VOX.- Part of the explanation is ideological: WikiLeaks founder Julian Assange has consistently expressed a kind of leftist-sounding critique of the United States that would lead him to despise Clinton’s foreign policy. That likely explains the seemingly personal antipathy that you see on, say, the group’s Twitter feed.Más...
But it doesn’t explain why WikiLeaks keeps getting information on Clinton and not Trump. Trump has his secrets — like, say, his tax returns — yet WikiLeaks isn’t publishing those.
So where is WikiLeaks’ information coming from? Is it from Russia, which seems to have been responsible for the DNC hack? And if it is, what’s the nature of the Russia-WikiLeaks connection?
These questions are, in a certain sense, unanswerable: Proving a Russian connection would be very, very hard. But the fact that they even have to be asked at all raises troubling questions about the role WikiLeaks is playing in the US election.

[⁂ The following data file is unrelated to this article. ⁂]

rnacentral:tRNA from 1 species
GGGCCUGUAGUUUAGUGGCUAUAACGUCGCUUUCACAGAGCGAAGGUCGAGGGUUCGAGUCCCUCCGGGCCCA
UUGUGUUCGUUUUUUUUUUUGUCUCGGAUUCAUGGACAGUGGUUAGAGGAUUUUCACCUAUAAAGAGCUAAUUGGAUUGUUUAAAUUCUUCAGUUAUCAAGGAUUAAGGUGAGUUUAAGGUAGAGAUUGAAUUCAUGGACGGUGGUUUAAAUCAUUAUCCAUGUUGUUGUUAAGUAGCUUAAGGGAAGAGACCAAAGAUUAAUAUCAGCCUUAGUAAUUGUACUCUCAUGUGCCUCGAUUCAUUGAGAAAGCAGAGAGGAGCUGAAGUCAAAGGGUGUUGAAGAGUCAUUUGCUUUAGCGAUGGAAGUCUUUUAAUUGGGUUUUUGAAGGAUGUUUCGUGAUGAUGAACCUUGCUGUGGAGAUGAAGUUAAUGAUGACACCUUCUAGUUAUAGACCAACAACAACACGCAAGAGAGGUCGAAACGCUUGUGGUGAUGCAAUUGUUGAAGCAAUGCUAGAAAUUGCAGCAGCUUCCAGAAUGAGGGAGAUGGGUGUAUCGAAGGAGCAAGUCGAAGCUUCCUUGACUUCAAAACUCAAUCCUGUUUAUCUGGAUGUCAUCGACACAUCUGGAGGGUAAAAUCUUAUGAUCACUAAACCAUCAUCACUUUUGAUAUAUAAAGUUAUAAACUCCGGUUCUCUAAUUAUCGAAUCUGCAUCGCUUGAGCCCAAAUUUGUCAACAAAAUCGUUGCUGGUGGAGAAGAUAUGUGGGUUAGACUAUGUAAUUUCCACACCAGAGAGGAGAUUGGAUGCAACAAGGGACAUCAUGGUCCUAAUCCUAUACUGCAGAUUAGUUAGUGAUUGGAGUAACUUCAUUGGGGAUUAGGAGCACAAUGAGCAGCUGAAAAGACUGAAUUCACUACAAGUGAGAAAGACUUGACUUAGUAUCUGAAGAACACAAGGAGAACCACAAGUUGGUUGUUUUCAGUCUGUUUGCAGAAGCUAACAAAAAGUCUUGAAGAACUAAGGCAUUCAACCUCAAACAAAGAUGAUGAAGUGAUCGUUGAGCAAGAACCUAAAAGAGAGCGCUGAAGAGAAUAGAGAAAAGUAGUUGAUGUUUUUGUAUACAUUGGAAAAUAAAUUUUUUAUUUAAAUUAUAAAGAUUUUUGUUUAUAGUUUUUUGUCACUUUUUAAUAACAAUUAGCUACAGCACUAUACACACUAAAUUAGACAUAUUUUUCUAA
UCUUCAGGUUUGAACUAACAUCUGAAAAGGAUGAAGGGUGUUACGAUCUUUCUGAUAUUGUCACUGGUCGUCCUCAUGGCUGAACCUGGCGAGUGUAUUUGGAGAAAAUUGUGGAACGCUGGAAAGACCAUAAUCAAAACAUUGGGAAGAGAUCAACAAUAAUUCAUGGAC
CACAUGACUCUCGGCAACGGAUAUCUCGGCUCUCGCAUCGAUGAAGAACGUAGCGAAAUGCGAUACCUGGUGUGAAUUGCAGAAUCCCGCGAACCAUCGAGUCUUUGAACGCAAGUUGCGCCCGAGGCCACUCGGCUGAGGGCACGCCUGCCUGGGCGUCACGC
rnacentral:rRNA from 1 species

WikiLeaks’ overriding ideology, at least publicly, is one of “radical transparency”: a deep belief that modern politics is undemocratic, with the important decisions made behind closed doors by elites and bureaucrats, and that the public deserves to know what’s actually going on.
But there’s always been another consistent element of the group’s thinking: suspicion of the United States and its role in global politics. This stems from the thinking of its founder and leader, Assange — which helps explain why the group seems to despise Clinton.
The organization’s 2015 book The WikiLeaks Files: The World According to US Empire contains the most in-depth catalog of Assange’s thoughts on the United States. They’re not positive: Assange sees the United States as a malign empire, one that has spent the decades since World War II unjustly interfering in other countries and killing their citizens. He sees the work of WikiLeaks, particularly publishing classified US documents, as a way to expose the inner workings of imperialism.